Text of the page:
The Bible as Metaphor and Symbol

The contemporary debate among Christians today is whether or not the Bible should be taken literally.  Many Evangelical Christians view the text as being without error and without requiring interpretation.  From my perspective, there are problems with this approach.  First, it glosses over the obvious contradictions in the Bible, like which story of creation (there are two of them), Noah’s ark (there are two of these, as well), or the resurrection of Jesus is correct (there are four different stories of the resurrection of Jesus)? Second, it fails to acknowledge that a translation of any text to another language is itself an interpretation because languages communicate differently.  (If the only language you speak is English, think about the differences in American English with the idiom spoken in England or Australia.  It’s the same language, but the idioms are not the same.)  Third, a literal understanding of the Bible dismisses the significant differences among cultures, particularly cultures from the Iron Age which are the foundation for the Hebrew Scriptures.  Fourth and perhaps most importantly: a literal interpretation of the Bible is a relatively new phenomenon within Christianity.

Those of us who frequently read writings from the first millennia of Christian history, like the writings of mystics, early theologians, and saintly people, know that these people did not take the Bible at face value.  Instead, they understood the text from metaphorical and allegorical perspectives.  For example, stories of Jesus feeding thousands of people with just a few loaves of bread and a couple of dried fish were not understood as magic.  Rather, Christians from the first millennia would have heard this story as a metaphor for how the teachings of Jesus nourish the entire person: body and soul.

Recently, news of the recovery of a long lost commentary on the Gospels was carried by major press outlets.  The rediscovery of the text happened some years ago.  What news was really worthy was that this commentary, written by Fortunatianus of Aquileia in the fourth century CE, has been made available online in an English translation.  This commentary was described by early Biblical scholar, St. Jerome, as “a pearl of great price.” Jerome emulated in his own work, which is considered to be the first great Biblical commentary.  Throughout this 1500 year old commentary is the clear sense that the stories of the Gospel are not understood as literal stories, but as allegories about the message and meaning of Jesus as communicated to people in particular communities of faith.  You don’t have to take my word for this.  You can follow the links in this article and review the commentary yourself.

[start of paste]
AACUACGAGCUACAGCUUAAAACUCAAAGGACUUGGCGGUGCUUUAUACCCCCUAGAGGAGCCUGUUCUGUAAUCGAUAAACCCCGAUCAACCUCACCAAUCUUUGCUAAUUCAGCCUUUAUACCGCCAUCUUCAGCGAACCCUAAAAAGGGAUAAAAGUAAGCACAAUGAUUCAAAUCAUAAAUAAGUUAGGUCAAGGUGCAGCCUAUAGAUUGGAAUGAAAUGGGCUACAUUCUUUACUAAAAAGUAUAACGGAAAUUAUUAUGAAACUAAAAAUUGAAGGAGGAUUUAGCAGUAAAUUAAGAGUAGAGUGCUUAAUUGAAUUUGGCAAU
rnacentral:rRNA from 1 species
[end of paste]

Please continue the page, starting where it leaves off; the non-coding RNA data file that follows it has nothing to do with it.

What led Christians to begin to view the Bible in a literal way?  While the history is complicated and nuanced, in the end it boiled down to the inability of church leaders to accept scientific discoveries as they unfolded.  First was Copernicus who demonstrated that Earth was not the center of the known universe but that the Earth rotated around the Sun.  This challenged the European view of the order of not just the universe but of social structure, of nobility and surfs, and the economic and political structure of Europe.  Later came Darwin’s observations of the natural world and the evidence for evolution.  Darwin published his Origin of Species in the middle of the 19th Century.  While there were stirrings toward a more literal approach to the Bible since the 17th Century, in the 19th Century many Christians doubled-down on the belief that humanity had been specifically created by God as God’s prized creation.  The possibility that we are in some way related to apes was simply untenable.  By the end of the 19th Century, Evangelical Christianity and Biblical literalism as we know it today was a reality.

Ultimately, Biblical literalism is a result of people’s inability to adapt to changes that came about from new scientific understandings of life on Earth and in the cosmos.  There’s always been resistance to change.  When the electric light bulb was invented, many people preferred to continue using oil lamps for lighting.  The same resistance to change occurs today as people cling to fossil fuels rather than adapting to renewable energy sources.  So, perhaps it’s not so strange that some people cling to a Biblical worldview not supported by current knowledge and, oddly enough, wasn’t even part of the first millennia of Christian understanding.  Because some people resist change, that doesn’t mean others can’t embrace the evolution of thoughts, ideas, and ways to understand the world and our place in it.  The ironic aspect of this in terms of a Christian understanding of the Bible is that it brings us back to the ways early Christians understood the Bible as metaphor rather than clinging to a literal view which is incompatible with the history of Christian thought.

Perhaps the words of Biblical scholar John Dominic Crossan summarize this best.  In his book, Who Is Jesus?, Crossan wrote: “”My point, once again, is not that those ancient people told literal stories and that we are now smart enough to take them symbolically, but that they told them symbolically and we are now dumb enough to take them literally.”

© 2017, emerging by Lou Kavar, Ph.D.. All rights reserved.

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One Response to The Bible as Metaphor and Symbol

  1. I’m amazed, I must say. Rarely do I come
    across a blog that’s both educative and amusing, and without a doubt, you’ve hit the nail on the head.
    The issue is something that not enough people are speaking intelligently
    about. I’m very happy that I stumbled across this in my search
    for something relating to this.

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